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Monday, October 17, 2011

Birds Survived Storms Only To Be Shot Down By Hunters

Migrating south can be harrowing for birds– there are long flights along with the risk of getting lost and bad weather.

Two whimbrels flying to South America seemed to be in the clear. During their 3,000-mile trip from Northern Canada the birds, named Goshen and Machi, managed to make it through some terrible weather – one survived Hurricane Irene, the other Tropical Storm Maria.

But it’s their pit stop in Guadeloupe that ended things for them– both were shot dead by hunters in September.

“It was really disappointing to lose those two birds,” researcher Bryan Watts told Here & Now‘s Robin Young.

Watts is Director of the Center for Conservation Biology at the College of William and Mary and is one of a team who was tracking the birds by satellite transmitter to collect information on the declining species.

“We had tracked Machi for over 30,000 miles for two years, and to lose them in that way was really disappointing,” he said.

There are laws that protect the whimbrels in North America, but when they leave the continent they’re fair game for hunters.

Guest:

  • Dr. Bryan D. Watts, Director of the Center for Conservation Biology at the College of William and Mary

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  • birdlover

    I am outraged about the hunting of shorebirds and we should start a boycott of these islands

    • http://pulse.yahoo.com/_PHVUTTG3EL77EY6AOLSLOXTJSU Andy Mitchell

      There has been some discussion of this in other forums. My view is that we should be careful of demonising other cultures and also of ignoring our own countries. It is quite lawful to shoot these birds in Guadeloupe. This species is endangered because of problems across its range, not just because some are shot in Guadeloupe. Thousands of shore birds are hunted in the USA each year.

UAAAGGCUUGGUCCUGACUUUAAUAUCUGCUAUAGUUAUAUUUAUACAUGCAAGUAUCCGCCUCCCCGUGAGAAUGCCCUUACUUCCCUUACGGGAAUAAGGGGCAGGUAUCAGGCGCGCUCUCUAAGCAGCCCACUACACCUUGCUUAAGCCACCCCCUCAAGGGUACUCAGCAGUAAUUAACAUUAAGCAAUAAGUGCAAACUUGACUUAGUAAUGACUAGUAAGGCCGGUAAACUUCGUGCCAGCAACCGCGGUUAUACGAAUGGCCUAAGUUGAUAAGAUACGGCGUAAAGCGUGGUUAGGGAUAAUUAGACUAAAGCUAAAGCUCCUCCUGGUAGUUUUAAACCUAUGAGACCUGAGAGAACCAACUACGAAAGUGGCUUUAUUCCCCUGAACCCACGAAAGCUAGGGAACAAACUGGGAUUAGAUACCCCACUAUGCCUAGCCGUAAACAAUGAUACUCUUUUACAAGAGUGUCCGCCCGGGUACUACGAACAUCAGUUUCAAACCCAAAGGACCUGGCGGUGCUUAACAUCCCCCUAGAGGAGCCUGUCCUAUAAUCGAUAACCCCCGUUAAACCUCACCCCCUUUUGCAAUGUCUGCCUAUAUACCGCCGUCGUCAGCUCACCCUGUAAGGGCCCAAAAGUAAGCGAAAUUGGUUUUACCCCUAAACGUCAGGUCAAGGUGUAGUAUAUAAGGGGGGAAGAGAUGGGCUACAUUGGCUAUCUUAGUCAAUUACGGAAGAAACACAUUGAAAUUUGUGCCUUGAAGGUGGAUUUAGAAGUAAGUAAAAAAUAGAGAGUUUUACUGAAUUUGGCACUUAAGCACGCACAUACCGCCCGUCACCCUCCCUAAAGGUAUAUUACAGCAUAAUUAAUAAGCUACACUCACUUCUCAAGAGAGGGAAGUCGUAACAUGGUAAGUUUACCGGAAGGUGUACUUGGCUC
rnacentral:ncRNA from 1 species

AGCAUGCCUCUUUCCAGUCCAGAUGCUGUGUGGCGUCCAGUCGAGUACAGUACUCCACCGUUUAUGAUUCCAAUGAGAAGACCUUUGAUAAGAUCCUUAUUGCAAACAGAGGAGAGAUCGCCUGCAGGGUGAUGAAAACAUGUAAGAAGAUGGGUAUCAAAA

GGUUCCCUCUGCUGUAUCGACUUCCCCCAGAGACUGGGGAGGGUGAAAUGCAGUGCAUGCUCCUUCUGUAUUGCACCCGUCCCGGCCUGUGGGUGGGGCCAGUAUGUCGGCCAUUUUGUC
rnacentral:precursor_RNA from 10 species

The best method of ensuring that an endangered species is not hunted is to work with the hunters – as is the case in the USA and many other countries. This work has been going on in Guadeloupe for some time and continues.

  • http://www.facebook.com/people/Bob-Gort/100000573755301 Bob Gort

    This sad story just reinforces the conclusion that humans represent the Sixth Great Extinction on the planet.  The pressure from several forces, driven by our massive overpopulation of the planet, makes it inevitable.

    We are after some species for food and for products.  Other species are lost to habitat destruction, including such things as monoculture, pollution, global warming, and urbanization.  Still others are lost to wanton destruction for our ideas of sport, such as these birds (an even more depressing story of such hunting in the Mediterranean was reported a year or so ago in The New Yorker).

    It would be tempting to demonize the French/Mediterranean culture that supports killing millions of songbirds at critical points on their flyways, but the same wanton attitude toward killing can be found everywhere once you look for it.  Americans watch TV programs that glorify the killing of sharks.   The affluent Norwegians and Japanese don’t want to give up whale hunting, no matter what.  Affluent Chinese fund the killing of many species for aphrodisiacs or as exotic food. What chance to primates and grazing animals have in Africa with a countryside awash in AK47s and little law?  And the list goes on and on and on — the more you know, the more depressing it is.

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Robin Young and Jeremy Hobson host Here & Now, a live two-hour production of NPR and WBUR Boston.

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